• Cornea/External Disease

    This study found that corneal ulcers caused by invasive strains of Pseudomonas aeruginosa were associated with better visual acuity at presentation but less improvement in visual acuity after three months than those caused by cytotoxic strains. Furthermore, P. aeruginosa subtype appeared to affect how the ulcers responded to steroid therapy.

    The authors analyzed Pseudomonas aeruginosa isolates from the Steroids for Corneal Ulcers Trial, a National Eye Institute-funded, randomized, placebo-controlled trial investigating the effect of topical corticosteroids as adjunctive treatment with antibiotics for bacterial keratitis.

    Of 101 confirmed P aeruginosa isolates, 74 had a classically cytotoxic or invasive genotype. Corneal ulcers caused by invasive strains were associated at presentation with significantly better visual acuity than corneal ulcers caused by cytotoxic strains after adjusting for the effect of ulcer location. However, at three months, invasive ulcers had improved significantly less than cytotoxic ulcers.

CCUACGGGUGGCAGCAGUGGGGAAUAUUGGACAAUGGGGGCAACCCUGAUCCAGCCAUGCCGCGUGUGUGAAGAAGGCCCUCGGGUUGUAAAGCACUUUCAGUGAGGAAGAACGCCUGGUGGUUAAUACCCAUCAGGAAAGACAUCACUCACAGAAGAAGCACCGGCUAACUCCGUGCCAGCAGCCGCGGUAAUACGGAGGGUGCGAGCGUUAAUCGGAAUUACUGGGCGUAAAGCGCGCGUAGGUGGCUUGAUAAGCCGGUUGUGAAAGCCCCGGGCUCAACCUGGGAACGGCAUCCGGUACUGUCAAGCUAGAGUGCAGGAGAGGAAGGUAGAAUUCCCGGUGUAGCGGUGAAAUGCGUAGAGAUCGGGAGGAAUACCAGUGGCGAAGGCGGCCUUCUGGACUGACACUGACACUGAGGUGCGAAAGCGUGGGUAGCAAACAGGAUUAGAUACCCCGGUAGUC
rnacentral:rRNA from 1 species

Compared with topical moxifloxacin alone, adjunctive treatment with topical corticosteroids was associated with significantly more improvement in visual acuity in the invasive subgroup (P = .04) but was associated with less improvement in visual acuity in the cytotoxic subgroup (P = .07).

    The authors conclude that these results suggest the potential to use virulence determinants to guide management decisions in corticosteroid treatment. Additionally, they illustrate the concept that not all infections caused by pathogens of a single species present or respond to treatment similarly. Further studies to elucidate differences in clinical presentation and therapeutic response based on specific virulence determinants for other pathogens may be warranted.